More than 50,000 food hygiene checks were outstanding in 2017-18, according to the Unchecked UK campaign, which highlights the importance of regulatory bodies.
Unchecked UK discovered this information by filing a Freedom of Information request to the Food Standards Agency (FSA) to find out the number of food hygiene inspections per local authority that were missed in 2017-18. Just 11% of councils had carried out all of their planned food checks on time and eight local authorities missed more than 1,000 local food business inspections, according to the research.
Where inspections had been carried out, there was 90% compliance on food safety across all premises. However, of the highest-risk food premises in England, Northern Ireland and Wales, 80% of the 1,745 A-rated premises and 36% of the 20,759 B-rated premises failed to meet basic food hygiene standards, scoring 1 or 2 on the food hygiene rating scheme (FHRS).
A- and B- rated food businesses are those with a poor track record on hygiene; larger-scale premises that handle raw meat or fish; premises where food contamination is more likely to happen; and businesses serving children or elderly people.
Unchecked UK project lead Emma Rose said: “Most food businesses are meeting basic hygiene standards, but the number of overdue food checks raises questions about whether the UK’s food safety regime is ready for the challenges ahead.”
Rose pointed out that the relatively poor performance of English high-risk food businesses (see figures below) may be partly down to a reduction in local authority staff and budgets.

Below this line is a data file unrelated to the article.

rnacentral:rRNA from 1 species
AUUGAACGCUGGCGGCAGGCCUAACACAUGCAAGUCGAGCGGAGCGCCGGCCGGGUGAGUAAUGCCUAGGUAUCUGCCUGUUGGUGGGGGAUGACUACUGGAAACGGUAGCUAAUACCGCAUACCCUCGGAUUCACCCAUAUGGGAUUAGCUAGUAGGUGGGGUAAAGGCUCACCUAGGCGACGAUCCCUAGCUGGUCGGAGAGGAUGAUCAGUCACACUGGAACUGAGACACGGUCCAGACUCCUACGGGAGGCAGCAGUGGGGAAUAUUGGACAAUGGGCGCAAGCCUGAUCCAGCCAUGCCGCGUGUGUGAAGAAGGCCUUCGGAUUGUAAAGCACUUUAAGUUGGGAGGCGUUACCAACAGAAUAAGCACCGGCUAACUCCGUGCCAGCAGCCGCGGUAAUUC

She also said that the lack of a compulsory FHRS rating display in England may be to blame. “Clearly, this means there is less incentive for poorly performing businesses in England to up their game."
The FSA took issue with the findings, pointing out that ‘overdue hygiene interventions’ are those which were outstanding by the end of the relevant financial year.
“We don’t recognise this as a picture of food regulation,” said a spokesperson. “Over 95% of businesses which have been inspected in England, Wales and Northern Ireland are broadly compliant or better.
“Local authorities inspect high risk businesses more frequently and take further action where necessary to protect public health. Over 99% of these businesses (categories A and B) were inspected on time in 2018-19.”
Percentage of highest-risk food businesses failing on food hygiene
% of A-rated businesses failing
England: 81% (out of 1,605)
Wales: 76% (out of 118)
Northern Ireland: 41% (out of 22)
% of B-rated businesses failing
England: 37% (out of 18,889)
Wales: 31% (out of 1,444)
Northern Ireland: 20% (out of 426)